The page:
Here are some thoughts on foxes from Isonokami Nobutsugu 石上宣続's Bōka enman roku 卯花園漫録 ("Deutzia Garden Miscellany"), a collection of trivia apparently compiled in the late 19th to early 18th Century.

It is said that foxes are yin by nature, so that even most male foxes will transform into a woman and have relations with men.

I never thought about this before, but it's true. (For values of truth encompassing fiction. You know what I mean.) On the other hand, I'm pretty sure Bugs Bunny dresses as a woman due to an excess of yang, so I'm not sure how much that has to do with it.

When one cannot tell whether another's suffering is from illness or the work of a fox, brew the leaves of the Japanese star anise (shikimi) and have them drink it. If possessed by a fox, they will refuse out of fear. If truly ill, they will drink it though they complain about the smell.

It turns out that shikimi is toxic and shouldn't be consumed by anyone. I suppose that the caution against seeing foxhood in mere reluctance to drink a cup of liver-failure tea was added to prevent false positives arising from this fact. ("Hey, this guy doesn't want to drink poison!" "I knew he was possessed by a fox!")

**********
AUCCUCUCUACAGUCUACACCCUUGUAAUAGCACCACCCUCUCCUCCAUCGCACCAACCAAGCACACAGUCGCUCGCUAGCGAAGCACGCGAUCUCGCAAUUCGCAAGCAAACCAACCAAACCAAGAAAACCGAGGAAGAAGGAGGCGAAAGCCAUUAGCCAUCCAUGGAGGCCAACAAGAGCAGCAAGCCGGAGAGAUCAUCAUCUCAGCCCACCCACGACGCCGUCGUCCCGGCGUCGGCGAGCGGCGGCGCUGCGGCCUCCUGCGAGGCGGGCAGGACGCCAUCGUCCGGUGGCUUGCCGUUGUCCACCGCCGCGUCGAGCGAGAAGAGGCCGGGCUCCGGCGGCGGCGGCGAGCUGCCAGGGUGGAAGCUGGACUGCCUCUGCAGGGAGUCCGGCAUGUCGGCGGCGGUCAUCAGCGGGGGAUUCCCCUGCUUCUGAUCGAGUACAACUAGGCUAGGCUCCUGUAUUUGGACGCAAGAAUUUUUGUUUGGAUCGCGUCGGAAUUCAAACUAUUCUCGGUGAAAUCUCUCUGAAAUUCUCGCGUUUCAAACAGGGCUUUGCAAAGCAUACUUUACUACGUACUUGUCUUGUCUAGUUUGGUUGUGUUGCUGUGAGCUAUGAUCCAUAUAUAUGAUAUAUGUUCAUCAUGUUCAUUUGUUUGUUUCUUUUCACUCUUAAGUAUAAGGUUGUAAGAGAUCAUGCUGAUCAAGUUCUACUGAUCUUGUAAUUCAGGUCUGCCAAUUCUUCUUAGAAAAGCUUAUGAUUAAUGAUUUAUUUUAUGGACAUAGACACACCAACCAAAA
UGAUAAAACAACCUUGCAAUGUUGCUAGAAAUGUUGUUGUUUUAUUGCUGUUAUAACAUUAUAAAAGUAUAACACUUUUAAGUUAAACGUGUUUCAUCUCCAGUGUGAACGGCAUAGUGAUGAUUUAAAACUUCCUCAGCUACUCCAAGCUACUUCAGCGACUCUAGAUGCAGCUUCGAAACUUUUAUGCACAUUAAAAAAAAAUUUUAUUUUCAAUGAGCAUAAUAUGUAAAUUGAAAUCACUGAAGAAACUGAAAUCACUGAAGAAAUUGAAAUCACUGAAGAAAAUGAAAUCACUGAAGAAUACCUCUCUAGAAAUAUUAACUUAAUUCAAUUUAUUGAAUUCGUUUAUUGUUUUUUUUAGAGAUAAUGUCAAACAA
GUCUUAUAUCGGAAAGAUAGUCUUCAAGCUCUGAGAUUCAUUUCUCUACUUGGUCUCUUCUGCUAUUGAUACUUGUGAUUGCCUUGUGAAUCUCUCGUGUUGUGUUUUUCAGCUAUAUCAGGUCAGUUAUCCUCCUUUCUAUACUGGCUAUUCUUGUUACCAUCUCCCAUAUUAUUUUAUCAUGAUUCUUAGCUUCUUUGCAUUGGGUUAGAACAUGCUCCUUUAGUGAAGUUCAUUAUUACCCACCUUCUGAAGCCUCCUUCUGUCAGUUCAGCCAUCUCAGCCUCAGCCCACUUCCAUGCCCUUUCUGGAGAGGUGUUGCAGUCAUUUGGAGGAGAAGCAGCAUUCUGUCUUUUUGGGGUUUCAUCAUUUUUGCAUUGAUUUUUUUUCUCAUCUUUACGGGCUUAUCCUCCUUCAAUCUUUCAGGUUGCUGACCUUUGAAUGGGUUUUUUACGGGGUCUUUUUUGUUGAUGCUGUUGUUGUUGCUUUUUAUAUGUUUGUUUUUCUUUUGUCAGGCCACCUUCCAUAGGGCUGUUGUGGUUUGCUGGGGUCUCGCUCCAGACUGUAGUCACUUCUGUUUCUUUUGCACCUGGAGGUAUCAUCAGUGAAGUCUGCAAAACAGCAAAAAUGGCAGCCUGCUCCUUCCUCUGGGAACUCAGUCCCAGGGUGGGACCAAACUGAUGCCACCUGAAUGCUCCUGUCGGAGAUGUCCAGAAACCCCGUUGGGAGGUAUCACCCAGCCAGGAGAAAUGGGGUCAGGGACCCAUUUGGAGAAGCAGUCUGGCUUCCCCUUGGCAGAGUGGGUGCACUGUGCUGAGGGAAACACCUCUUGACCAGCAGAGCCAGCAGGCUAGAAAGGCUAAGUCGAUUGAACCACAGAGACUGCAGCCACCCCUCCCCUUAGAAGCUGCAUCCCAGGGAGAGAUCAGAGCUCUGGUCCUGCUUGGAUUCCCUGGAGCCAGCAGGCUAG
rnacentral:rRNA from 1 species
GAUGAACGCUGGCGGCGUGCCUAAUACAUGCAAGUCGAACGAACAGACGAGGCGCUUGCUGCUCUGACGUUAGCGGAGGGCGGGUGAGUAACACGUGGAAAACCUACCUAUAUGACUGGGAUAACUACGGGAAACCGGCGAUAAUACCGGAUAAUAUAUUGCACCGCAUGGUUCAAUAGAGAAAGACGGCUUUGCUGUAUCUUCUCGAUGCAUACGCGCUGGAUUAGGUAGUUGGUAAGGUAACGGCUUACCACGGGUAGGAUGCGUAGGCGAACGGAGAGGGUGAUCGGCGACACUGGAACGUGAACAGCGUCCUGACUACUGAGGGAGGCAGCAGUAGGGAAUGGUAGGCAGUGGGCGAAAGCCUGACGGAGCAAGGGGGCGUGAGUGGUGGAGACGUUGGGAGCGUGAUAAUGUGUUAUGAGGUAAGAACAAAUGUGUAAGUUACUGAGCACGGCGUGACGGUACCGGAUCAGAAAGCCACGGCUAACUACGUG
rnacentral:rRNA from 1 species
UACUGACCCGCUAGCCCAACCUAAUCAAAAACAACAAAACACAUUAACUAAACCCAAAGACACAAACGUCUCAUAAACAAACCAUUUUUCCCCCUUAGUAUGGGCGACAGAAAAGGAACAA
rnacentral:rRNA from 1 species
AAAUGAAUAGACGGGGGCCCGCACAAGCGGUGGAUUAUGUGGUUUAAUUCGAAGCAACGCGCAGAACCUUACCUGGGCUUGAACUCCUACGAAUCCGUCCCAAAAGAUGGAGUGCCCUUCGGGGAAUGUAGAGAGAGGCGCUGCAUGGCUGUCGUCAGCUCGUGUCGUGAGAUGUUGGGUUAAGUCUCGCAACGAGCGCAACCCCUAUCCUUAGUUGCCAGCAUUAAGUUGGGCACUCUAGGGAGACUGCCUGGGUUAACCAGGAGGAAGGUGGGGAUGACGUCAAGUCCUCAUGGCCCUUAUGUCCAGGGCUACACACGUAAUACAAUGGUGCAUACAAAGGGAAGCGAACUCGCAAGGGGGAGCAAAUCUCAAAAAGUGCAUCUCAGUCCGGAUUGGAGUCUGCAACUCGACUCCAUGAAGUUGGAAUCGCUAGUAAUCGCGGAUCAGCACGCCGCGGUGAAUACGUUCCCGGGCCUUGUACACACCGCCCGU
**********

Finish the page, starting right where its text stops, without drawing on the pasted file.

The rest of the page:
Incidentally, my source for Isonokami is Yoshikawa Kōbunkan's Nihon zuihitsu taisei edition (volume 23), ed. Nihon Zuihitsu Taisei Editorial Dept. (日本随筆大成編輯部).


Furuike no

I can't believe I never heard these two great senryū before.

furuike no/ soba de Bashō wa/ bikuri suru
Old pond—/ nearby, Bashō/ startled, jumps
Bashō-ō/ pochan to iu to/ tachidomari
Bashō/ hearing a splash/ pauses

Both are quoted in Hayashi Eriko 林えり子's Ikiteiru Edo-kotoba 生きている江戸ことば ("Living Edo-ese") (Shūeisha 2000, p67)

(My first impulse was to translate Bashō-ō 芭蕉翁 as "Old Bashō", but (a) that might imply a parallel with furuike which isn't there at all, and (b) 翁 is actually a respectful way of addressing an aged man, while "Old X" in English is rustically affectionate at best.)